Arman Eshraghi, CEO and Founder of Qrvey, hosts a podcast, “SaaS Scaled.” Our latest episode featured Alex Levin Co-Founder & CEO at, the outbound phone and SMS sales solution built to drive more conversations with your customers, so you can hit your growth goals way faster. You can watch or listen to the podcast here and we’ve covered some highlights of their discussion below.

AI’s impact on customer service

“In our world, I think there’ll be sort of three phases to this. But at some point in the future, the human and AI with a fake voice doing the job will be indistinguishable. I think that’s probably 30, 40, 50 years out. Some people think it’s a little sooner, but in that world, we’ve still built all the technology that’s necessary for customer engagement. The only difference is it’s a bot doing it rather than a human. It’s like saying you’re still going to need Uber, just to be a driverless car instead of driver. But that I think is far out.” Alex described a mode where AI serves as a helpful coach in the background, making suggestions such as:
  • The next best action
  • Some things you could say to the customer
  • A customer you should be talking to that you hadn’t been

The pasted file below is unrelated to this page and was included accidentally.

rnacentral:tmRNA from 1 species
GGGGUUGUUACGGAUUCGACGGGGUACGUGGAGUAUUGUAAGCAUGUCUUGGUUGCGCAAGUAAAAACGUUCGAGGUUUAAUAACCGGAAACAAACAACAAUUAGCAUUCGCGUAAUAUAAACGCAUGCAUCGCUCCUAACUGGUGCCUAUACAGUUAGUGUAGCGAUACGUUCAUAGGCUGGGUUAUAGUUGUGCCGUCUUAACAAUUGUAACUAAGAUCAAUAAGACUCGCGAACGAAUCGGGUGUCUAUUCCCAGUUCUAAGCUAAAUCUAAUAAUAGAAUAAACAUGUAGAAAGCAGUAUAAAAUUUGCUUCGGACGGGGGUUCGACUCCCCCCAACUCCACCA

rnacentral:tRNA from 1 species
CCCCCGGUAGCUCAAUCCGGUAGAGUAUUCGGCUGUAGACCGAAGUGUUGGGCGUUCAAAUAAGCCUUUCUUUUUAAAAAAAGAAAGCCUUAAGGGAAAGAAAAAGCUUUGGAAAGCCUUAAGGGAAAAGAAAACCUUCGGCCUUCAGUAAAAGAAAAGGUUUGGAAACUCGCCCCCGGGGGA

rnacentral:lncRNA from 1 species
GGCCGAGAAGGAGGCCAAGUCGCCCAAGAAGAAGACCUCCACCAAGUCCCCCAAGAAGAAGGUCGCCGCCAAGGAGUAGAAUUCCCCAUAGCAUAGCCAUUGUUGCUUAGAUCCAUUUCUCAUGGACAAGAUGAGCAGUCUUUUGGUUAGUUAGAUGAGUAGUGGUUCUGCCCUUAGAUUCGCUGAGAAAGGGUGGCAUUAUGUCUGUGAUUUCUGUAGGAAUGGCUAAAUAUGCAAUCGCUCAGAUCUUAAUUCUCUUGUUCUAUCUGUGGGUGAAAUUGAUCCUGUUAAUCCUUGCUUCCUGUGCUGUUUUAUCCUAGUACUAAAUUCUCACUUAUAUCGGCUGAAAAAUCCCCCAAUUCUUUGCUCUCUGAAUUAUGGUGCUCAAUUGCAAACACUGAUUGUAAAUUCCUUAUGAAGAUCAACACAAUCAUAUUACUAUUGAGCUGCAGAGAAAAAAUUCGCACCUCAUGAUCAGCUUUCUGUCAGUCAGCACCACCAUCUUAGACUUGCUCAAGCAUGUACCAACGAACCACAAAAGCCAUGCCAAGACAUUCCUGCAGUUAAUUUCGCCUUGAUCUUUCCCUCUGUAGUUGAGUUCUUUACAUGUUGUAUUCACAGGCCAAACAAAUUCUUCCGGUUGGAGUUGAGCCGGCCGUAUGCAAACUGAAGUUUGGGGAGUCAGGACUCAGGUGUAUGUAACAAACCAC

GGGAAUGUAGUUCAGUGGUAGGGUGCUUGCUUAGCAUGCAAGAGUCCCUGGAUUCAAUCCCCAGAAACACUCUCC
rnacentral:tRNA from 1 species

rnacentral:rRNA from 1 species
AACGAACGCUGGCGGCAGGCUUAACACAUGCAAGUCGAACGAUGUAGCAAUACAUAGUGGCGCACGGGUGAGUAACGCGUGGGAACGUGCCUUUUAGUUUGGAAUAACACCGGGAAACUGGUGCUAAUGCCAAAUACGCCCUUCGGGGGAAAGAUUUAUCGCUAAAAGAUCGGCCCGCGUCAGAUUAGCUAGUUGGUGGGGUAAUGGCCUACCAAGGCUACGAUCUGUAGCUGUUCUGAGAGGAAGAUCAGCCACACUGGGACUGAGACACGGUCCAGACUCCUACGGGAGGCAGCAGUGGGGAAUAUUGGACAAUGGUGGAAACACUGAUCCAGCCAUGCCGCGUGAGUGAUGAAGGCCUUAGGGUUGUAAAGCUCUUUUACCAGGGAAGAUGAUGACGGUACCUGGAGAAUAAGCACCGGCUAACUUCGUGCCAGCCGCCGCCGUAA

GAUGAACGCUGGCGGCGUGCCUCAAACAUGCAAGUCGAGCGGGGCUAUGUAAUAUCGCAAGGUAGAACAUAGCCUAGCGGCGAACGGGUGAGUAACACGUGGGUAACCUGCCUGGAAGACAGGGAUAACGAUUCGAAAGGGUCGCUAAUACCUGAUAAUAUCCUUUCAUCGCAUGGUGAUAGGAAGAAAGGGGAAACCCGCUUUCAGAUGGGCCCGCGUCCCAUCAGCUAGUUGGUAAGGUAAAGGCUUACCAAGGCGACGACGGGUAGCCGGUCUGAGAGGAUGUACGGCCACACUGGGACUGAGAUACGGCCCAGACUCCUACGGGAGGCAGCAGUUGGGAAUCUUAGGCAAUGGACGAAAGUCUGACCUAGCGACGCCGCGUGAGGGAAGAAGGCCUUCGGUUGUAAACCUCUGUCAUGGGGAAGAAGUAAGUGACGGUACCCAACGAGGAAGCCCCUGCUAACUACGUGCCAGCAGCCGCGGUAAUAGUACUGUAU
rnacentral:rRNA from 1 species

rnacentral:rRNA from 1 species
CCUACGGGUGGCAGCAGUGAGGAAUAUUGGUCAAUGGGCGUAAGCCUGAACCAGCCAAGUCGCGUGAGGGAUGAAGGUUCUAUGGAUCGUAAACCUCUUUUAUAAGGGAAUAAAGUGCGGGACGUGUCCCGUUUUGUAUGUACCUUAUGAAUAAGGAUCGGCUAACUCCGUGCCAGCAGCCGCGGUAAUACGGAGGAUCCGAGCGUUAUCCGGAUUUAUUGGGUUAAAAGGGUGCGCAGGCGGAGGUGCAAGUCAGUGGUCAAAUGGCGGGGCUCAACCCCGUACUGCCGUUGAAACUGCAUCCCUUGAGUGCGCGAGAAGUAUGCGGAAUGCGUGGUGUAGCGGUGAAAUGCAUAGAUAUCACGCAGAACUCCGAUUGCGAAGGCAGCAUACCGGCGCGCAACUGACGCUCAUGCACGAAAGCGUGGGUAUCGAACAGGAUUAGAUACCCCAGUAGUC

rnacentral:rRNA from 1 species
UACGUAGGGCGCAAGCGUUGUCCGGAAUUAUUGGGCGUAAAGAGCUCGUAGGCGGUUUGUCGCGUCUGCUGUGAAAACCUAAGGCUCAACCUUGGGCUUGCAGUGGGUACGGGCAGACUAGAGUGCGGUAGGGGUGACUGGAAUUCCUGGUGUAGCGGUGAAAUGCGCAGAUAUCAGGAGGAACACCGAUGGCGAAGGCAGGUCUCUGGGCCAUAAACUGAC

Why AI won’t replace humans (for a while)

  1. “In a world where AI can hallucinate and not be right, you always need somebody to check it before it goes out in any use case that’s business critical.
  2. “I think one of the things that we get out of having conversations between a human and the customer is that we have a human that emotes and can solve pretty complicated issues for that customer and something that’s higher pressure. So those are probably the type of things that will be last for the AI to take over. 
“Instead, there’ll be simpler things that are great, such as handling support requests about where my package is. It’ll do that very quickly. I think it’ll take more time for AI to overcome more complicated or emotional issues. Not that it won’t, it’s just going to take more time.”

What advice would you give to fellow founders of SaaS companies? 

“It’s an odd one, but you can’t be afraid of failure. The people that are great entrepreneurs are the ones that are able to accelerate the pace at which they’re doing little experiments, see the result, which is 90% of the time going to be a failure very early. And then based on their North Star, say, ‘Well, considering what I’ve learned, I should do something different, or I should keep trying different ways of doing the same thing.’ And that’s probably the hardest part about being an entrepreneur early is having a North Star vision and deciding what to do with conflicting information and feedback. “Should I listen to the things that are telling me that I need to change or should I stay true to this vision that I have? There are great examples on both sides where some founders have stayed true to their vision and ended up being right, and some founders have massively been able to shift what they’ve done and ended up saving the business that way.”

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